As provost, Alan Garber’s job is to help all of Harvard’s Schools work as one, a role that requires a near-constant aerial view of the University. But for two hours each week, he gets to narrow his focus to just 12 students, laptop-wielding freshmen who on a recent rainy afternoon gathered around a conference table in Sever Hall in his class called “Health Care on Less than $8,000 a Year.”

The health care policy seminar, Garber’s first teaching experience at Harvard since he became provost in 2011, “has been one way for me to keep a foot in the world I used to inhabit,” he said. It’s also a chance for one of the University’s top leaders to connect with the youngest members of the Harvard community.

In his prior life as a Stanford University professor, Garber said, he mostly taught and advised medical students, business students, graduate students in economics, and postdoctoral fellows, a far cry from leading a freshman seminar. An institution at Harvard since 1959, the seminars provide a unique, small-group experience for the College’s newest students; their pass-fail grading system and discussion-heavy format allow a chance for more relaxed, expansive learning in schedules generally packed with rigorous lecture courses.

“It’s a wonderful time to get to know students,” Garber said of teaching freshmen. “You can reach them while they’re thinking about what they will study in college, and also what they will do with their lives.”

During his own tenure as a Harvard undergraduate in the 1970s, Garber changed his concentration to economics with the encouragement of a resident tutor in Dunster House. That early advice, he has said in the past, changed the course of his education and his entire career.

“I’ve been studying health policy issues for years,” said Garber, a physician who also earned a Ph.D. in economics at Harvard. But teaching a freshman seminar entails a different challenge: “You need to make the material understandable to people who aren’t in the field.”

To kick off that day’s class, Garber posed a question to his students: Would they pay for an expensive cancer treatment if it would give a dying patient a few more months to live? The group was skeptical.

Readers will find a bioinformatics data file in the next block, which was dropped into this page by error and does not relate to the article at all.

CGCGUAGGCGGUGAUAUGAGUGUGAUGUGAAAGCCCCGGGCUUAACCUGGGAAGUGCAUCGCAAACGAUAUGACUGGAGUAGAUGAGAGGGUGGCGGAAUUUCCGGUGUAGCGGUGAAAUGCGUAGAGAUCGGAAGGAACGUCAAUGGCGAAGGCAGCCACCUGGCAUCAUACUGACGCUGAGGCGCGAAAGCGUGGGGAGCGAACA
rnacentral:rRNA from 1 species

“Just because something could help doesn’t mean a person is entitled to that thing,” Lauren Reisig said. Garber pressed her to name the ethical doctrine she was espousing. “Utilitarianism?” she ventured. (Correct.)

“It’s sad to limit care for people who require treatment,” added Jenny Gathright. “But what’s sadder is that people are denied care at younger stages of life for things that are much cheaper” to treat.

“You all seem to endorse the utilitarian perspective,” Garber concluded after a robust conversation — noting that the small group may not be a representative sample, given most Americans’ distaste for the idea of rationing healthcare. Traditionally, Garber told the class, the United States has never explicitly considered cost as a factor in deciding whether to provide life-saving treatments, but in many less-direct ways health care is constantly rationed.

“It’s just not talked about,” he said. In the recent national health care debates, “rationing was used as an epithet.” But in reality, “the only question is what form rationing takes.”

He then walked the class through techniques for assessing the value of given treatments: cost-effectiveness analysis (measuring the health outcomes produced by the money spent on a treatment), cost-benefit analysis (measuring the dollar value of the health outcome improvement produced by the treatment), and cost-cost analysis (a way to find the lowest-cost option for a desired treatment outcome).

“Doctors in particular don’t like cost-benefit analysis, because they have a really hard time placing a value on lives,” Garber said. “But we’re doing it implicitly all the time.”

As the group discussed ways to design comparison studies of different treatment options’ costs, it soon became clear that measuring the costs and benefits of medical treatments is far from a straightforward process of plugging in data and crunching the numbers. For instance, how does one define a patient’s quality of life, let alone gauge how much it improves with a given treatment?

“It’s pretty simple, right?” Garber said wryly. “Except when you have to measure it.”

After a brief discussion of the requirements for their final paper proposals, the class adjourned, though a couple of policy wonks-in-training lingered to ask questions. For his part, the provost seemed more than pleased with his role as teacher to his young charges.

“I love getting back into the classroom.  It gives me a break from the rest of my day,” he said with a laugh. “It’s a tremendous opportunity to spend time with Harvard students who are so bright and so capable. They’re looking at these issues with fresh eyes. And they may come up with fresh solutions.”

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